10. ‘Infomania’ worse than marijuana? Or is scientific poppycock worse than crack?

    Workers distracted by email and phone calls suffer a fall in IQ more than twice that found in marijuana smokers, new research has claimed.
    Later study links scientific poppycock to pot smoking researchers….

  11. Uppdatering om effekten av mejl

    Studien som refererades i New Scientist (se En splittrad arbetssituation gˆr oss ineffektiva och korkade” granskas kritiskt p Mind Hack:…

  12. Email Hurts IQ More Than Pot

    A study of distraction caused by email in the UK found that people who do frequent email or SMS suffer a 10-point IQ drop—roughly twice the IQ drop caused by Marijuana. You can read about the story here, but please…

  13. It is important to note that the findings about ‘IQ’ are not based on a survey.
    The survey is a different part of the study, although this is sometimes difficult to distinguish from the press reports.
    In general however, I agree that useful studies can be done as surveys, providing that the questionnaire fulfils certain psychometric criteria.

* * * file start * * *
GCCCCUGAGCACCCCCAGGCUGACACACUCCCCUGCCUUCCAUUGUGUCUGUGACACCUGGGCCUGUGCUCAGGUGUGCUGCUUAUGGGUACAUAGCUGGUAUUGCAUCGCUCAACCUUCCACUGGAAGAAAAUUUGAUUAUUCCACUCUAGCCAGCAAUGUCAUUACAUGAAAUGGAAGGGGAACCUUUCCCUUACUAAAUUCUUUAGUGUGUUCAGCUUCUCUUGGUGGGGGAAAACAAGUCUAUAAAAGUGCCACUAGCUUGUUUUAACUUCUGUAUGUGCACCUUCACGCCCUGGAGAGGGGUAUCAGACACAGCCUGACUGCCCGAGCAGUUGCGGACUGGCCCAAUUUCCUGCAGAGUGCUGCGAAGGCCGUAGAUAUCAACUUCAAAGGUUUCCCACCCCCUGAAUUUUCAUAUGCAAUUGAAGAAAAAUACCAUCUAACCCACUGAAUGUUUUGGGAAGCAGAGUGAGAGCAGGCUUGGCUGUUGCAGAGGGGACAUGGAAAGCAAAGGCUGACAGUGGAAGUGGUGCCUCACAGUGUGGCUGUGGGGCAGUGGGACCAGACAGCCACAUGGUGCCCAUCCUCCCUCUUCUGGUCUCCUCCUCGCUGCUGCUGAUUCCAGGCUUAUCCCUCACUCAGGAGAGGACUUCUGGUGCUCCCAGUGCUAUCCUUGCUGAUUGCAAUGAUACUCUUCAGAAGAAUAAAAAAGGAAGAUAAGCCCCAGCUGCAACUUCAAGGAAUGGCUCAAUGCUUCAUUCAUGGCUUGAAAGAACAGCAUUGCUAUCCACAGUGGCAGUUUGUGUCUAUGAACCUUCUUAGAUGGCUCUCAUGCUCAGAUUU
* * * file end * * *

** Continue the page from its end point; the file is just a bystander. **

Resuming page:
As the research has not been published however, we can’t even assess if this section of the study is robust.

  14. I agree – clearly email doesn’t make you more stupid. What research has shown though is that the interruptions that emails and phone calls facilitate affect our ability to remember things. The more complex the task we’re doing, the longer it takes our brains to task-switch (from task to email and back to task)and the slower (though not less intelligent) we become at doing things.
    I posted on interruption research a while back if you’re interested.

  15. e-mail and telephone interruptions lowers our IQ

    some recent studies runned in the UK by HP have a surprising result: seems that using the Internet reduces our intelligence:
    Based on a series of tests carried out by the University of London Institute of Psychiatry’s Dr Glenn…

  16. IQ Loss for email users more than double IQ loss for Potheads

    First it was TV, then marijuana, now email is the thing sucking our brains. The Guardian reports that email, with it’s "addictive, drug-like grip" will drop 10 points from your IQ on average, more than twice the 4 point loss caused …

  17. Why it’s time to slow down

    Author Barry Schwartz and journalist Carlos Honoré told technology conference-goers in the UK that “they should unplug and slow down in a world that was stuck in fast-forward.” Technology was supposed to make us more efficient, [Honoré] e…

  18. Why it’s time to slow down

    Author Barry Schwartz and journalist Carlos Honoré told technology conference-goers in the UK that “they should unplug and slow down in a world that was stuck in fast-forward.” Technology was supposed to make us more efficient, [Honoré] e…